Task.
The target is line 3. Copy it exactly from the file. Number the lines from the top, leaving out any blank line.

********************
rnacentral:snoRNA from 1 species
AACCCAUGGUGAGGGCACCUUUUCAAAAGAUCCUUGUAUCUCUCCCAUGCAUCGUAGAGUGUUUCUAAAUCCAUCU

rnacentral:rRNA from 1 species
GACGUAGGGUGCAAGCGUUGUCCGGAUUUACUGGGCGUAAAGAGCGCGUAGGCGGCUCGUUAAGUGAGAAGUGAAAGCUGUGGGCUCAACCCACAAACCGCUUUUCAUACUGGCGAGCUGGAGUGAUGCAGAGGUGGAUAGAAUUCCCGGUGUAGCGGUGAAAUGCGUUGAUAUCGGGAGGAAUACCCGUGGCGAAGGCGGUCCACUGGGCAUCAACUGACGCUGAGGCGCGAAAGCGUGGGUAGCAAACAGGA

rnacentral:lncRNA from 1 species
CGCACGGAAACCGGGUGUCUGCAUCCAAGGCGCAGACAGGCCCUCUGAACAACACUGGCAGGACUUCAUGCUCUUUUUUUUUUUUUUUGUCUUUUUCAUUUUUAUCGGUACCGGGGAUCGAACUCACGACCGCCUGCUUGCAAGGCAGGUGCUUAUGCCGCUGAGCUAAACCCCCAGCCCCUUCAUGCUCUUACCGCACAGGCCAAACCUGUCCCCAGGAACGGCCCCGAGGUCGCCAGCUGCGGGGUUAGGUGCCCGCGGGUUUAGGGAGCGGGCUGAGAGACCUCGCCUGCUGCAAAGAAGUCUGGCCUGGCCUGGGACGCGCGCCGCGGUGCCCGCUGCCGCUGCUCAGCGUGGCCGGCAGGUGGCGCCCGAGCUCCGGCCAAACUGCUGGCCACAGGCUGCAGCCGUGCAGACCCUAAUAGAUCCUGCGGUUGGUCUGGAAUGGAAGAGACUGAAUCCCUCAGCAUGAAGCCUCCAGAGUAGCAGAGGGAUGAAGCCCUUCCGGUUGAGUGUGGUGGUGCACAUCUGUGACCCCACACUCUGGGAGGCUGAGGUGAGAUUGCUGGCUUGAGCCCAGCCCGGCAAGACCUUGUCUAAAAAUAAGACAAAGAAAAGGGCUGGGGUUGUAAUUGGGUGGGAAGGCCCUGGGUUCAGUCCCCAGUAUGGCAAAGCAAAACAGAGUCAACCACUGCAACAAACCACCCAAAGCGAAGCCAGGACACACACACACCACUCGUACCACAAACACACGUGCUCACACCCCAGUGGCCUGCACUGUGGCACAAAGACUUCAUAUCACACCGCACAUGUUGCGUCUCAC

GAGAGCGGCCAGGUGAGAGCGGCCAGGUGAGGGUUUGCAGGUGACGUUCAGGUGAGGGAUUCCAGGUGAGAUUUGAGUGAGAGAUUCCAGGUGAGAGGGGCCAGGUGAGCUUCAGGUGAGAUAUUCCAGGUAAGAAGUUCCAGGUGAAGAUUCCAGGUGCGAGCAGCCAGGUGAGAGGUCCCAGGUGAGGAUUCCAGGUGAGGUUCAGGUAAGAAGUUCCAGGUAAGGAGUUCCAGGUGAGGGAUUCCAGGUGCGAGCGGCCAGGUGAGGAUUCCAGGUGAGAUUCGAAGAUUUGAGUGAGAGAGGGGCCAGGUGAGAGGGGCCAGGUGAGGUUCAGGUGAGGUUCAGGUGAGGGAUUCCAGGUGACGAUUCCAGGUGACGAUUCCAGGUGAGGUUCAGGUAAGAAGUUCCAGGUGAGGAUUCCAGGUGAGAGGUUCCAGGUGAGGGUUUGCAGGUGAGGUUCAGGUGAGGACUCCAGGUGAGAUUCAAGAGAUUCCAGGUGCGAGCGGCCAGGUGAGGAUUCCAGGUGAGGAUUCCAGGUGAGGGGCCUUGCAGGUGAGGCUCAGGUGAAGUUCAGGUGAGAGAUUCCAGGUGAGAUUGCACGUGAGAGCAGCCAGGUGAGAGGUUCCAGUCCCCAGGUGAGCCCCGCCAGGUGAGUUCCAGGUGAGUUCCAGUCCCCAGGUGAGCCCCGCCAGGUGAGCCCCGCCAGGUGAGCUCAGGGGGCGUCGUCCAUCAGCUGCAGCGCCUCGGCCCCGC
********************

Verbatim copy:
rnacentral:rRNA from 1 species